Look at the Aadhar site - it is getting glaringly complex to find anything on the site, even the site administrators might be find it unmanagably hairy. The information on the site is unimaginably complex.
1. Now you see charges even for enrollment - https://uidai.gov.in/images/akr_policy_on_pricing_30082016.pdf ;
2. refer to these sites - https://uidai.gov.in/enrolment-update/ecosystem-partners/state-wise-aadhaar-saturation.html; https://uidai.gov.in/images/StateWiseAge_AadhaarSat_24082017.pdf - how can saturation be more than the population?
The Aadhar support phone number is not reachable 99% times and when you do connect you don't get an answer, you are asked to send email;
3. Refer to the site - https://uidai.gov.in/images/Aadhaar_MythVsFact_May2017.pdf - there is no letter head - who has written this document, who has authorised it?
4. this link is a new addition - https://resident.uidai.gov.in/notification-aadhaar - and it has such a complex display that only those who know what the machine language written there means will understand - it is not for normal citizens to understand. Why was this link given - so that means that there is possibility someone can use anyone's Aadhar number and the affected party is wholly responsible to prove his/her own existence beyond the transactions carried out.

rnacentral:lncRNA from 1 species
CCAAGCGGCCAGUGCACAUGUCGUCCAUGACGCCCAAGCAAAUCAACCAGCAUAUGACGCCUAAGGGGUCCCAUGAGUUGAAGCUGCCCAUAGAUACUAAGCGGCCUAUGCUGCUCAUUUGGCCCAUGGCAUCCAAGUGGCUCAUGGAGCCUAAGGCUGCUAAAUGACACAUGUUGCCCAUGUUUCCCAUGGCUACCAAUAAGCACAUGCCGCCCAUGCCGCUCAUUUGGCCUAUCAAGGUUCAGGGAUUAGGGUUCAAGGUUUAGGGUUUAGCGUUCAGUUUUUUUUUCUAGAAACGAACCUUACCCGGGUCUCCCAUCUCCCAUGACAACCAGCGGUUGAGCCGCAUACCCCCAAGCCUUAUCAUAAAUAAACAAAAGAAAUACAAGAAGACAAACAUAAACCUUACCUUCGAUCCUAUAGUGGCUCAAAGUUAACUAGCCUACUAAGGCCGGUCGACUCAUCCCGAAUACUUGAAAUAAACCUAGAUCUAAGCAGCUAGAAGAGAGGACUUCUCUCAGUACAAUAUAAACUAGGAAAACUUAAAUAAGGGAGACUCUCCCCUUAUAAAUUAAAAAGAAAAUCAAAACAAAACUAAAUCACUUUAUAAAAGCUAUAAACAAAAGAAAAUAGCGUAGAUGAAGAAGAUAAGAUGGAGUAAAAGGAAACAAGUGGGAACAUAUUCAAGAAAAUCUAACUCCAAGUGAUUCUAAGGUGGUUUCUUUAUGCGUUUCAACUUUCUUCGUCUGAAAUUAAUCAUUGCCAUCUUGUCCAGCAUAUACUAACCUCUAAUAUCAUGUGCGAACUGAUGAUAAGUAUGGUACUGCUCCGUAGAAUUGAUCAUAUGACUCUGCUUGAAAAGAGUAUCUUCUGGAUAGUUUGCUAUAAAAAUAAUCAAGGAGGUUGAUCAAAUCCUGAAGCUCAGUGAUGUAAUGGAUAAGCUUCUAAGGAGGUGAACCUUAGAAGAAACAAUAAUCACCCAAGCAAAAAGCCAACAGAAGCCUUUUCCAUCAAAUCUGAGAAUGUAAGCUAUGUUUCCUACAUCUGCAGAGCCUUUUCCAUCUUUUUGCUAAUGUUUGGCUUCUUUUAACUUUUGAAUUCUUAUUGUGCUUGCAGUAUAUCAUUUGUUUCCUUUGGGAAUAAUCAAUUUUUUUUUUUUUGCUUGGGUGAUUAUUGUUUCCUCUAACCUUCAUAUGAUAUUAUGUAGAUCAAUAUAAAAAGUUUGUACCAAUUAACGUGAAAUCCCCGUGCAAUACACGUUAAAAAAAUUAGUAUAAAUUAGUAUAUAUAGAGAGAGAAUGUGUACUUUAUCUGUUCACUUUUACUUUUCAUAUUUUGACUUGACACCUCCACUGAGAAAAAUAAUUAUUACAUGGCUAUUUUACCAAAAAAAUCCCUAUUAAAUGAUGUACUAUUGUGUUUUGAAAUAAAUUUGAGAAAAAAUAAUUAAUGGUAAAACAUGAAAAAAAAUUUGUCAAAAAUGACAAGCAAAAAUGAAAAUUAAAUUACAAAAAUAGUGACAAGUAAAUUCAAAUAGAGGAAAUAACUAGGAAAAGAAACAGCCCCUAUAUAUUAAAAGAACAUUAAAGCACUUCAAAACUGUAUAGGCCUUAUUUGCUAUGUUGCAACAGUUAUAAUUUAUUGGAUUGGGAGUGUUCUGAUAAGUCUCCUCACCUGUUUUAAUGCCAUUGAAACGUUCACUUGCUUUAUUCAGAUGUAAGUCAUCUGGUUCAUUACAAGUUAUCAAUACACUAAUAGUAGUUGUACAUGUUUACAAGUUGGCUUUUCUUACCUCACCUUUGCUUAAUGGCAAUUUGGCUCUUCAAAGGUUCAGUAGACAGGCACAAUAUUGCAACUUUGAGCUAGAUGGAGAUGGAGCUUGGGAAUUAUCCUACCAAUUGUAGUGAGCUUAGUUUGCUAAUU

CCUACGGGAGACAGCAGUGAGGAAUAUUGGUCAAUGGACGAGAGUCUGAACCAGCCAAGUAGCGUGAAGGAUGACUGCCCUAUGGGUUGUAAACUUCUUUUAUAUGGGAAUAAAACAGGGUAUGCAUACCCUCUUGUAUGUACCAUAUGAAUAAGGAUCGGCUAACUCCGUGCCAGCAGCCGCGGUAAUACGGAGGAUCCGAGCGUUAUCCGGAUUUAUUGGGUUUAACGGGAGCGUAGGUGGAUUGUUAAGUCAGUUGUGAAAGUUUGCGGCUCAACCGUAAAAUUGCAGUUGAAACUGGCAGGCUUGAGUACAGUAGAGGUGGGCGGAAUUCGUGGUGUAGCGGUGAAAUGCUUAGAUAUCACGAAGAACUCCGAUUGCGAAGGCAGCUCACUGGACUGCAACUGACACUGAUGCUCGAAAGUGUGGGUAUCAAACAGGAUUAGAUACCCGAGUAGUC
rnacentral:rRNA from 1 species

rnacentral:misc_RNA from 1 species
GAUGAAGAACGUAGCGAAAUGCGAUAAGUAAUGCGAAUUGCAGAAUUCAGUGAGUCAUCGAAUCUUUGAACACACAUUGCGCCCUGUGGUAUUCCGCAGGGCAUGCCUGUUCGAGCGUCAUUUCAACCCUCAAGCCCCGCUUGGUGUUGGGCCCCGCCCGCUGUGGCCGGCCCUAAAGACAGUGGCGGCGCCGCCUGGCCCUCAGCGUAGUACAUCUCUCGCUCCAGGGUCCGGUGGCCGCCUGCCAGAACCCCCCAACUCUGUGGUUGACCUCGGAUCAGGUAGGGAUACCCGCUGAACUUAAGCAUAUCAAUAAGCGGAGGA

5. For minors also, Aadhar is now being asked for - and check this - they can't have same mobile number as their parents. What does this mean? My kid's Aadhar number is not getting verified - I don't get OTP at all though my number is registered and I paid Rs. 100 for enrollment. On enquiry I am told that the mobile number has to be different it can't be mine. What other 'dandhli' can you expect from UIDAI and its scrupuluous agents - the very Sarkaar which is holding the reins to every citizens existence - is China's single party rule too similarly totalitarian???
Mathew Thomas
6 years ago
Thanks for an excellent presentation of the difficulties into which, the ill-advised and purposeless scheme has put the most vulnerable sections of the population. May I add a few questions? Here they are: Are not those in power – the PM, his ministers, the bureaucrats, leaders of other political parties aware of all this? Why are they all silent? The motivations are varied, but the underlying essence behind is the same. One of ignorance and complacency. Some are motivated by prospects of power (control over others – other parties), others by greed (make money out of it) still others to use it for ulterior ends. Some might have been bribed, others blackmailed. The majority of the population is slowly coming to terms with the reality, even the “bakth brigade” is no longer clapping so vociferously. It is pinching them too.
The real question is why are those behind the nefarious scheme pushing it against all odds?
Your readers may ponder over the question. Its answers will show up who are patriots and who are traitors. Who are corrupt and who are gullible. Who are sycophants and who are hypocrites.